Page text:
Ah, the Smithsonian! When Henry James Hungerford died without children in 1835, his vast inheritance from his uncle, English scientist James Smithson, was passed on to the United States, “to found at Washington, under the name of the Smithsonian Institution, an Establishment for the increase & diffusion of knowledge among men.” We won’t ask why he didn’t leave his fortune to the English government (they already had enough knowledge? he didn’t like them?), but, in true American fashion, once the money arrived, Congress spent eight years arguing about how to use the funds. Congress finally invested the funds in Treasury bonds issued by Arkansas (surely this was the clearest path forward), which immediately defaulted. It was only through the muscular intervention of John Quincy Adams that the funds were restored, and designated for an institution of science and learning.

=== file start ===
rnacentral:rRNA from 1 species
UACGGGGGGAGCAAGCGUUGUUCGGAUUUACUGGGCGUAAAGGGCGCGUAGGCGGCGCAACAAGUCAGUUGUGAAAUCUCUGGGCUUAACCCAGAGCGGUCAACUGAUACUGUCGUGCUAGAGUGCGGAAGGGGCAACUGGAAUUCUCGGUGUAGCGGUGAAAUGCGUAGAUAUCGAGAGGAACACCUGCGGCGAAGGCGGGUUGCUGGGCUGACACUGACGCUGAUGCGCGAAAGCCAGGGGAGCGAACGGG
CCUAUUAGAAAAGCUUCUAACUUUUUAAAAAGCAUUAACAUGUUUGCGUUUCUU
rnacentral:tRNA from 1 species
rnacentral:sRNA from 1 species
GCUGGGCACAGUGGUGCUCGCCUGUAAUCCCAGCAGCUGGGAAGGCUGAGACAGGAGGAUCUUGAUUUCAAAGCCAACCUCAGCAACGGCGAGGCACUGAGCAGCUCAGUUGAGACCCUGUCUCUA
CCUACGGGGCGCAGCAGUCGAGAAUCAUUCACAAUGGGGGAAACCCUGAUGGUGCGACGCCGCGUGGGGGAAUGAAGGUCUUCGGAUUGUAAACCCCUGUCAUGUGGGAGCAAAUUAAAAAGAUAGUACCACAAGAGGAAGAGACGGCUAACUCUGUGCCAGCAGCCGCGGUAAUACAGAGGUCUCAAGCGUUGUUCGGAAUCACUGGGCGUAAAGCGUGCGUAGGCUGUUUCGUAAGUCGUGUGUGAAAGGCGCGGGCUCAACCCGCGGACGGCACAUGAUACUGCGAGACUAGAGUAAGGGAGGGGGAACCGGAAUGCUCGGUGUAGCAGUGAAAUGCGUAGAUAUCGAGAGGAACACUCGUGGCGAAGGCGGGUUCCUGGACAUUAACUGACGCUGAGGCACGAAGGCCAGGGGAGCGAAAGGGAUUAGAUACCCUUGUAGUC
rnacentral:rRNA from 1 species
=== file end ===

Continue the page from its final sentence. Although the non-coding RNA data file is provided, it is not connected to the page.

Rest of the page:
Among the many Smithsonian museums and online collections, The Gimlet Reader wants to point you toward a most fabulous collection of Czeck Book Covers of the 1920s and 1930s. Take some time to look at these! For your convenience, they’ve been meticulously categorized:
Poetism (our favorite)
You can find the complete collection here.
If you follow twitter, bookseller @avantgardeBOOKS posts Czeck avant garde antiquarian books. has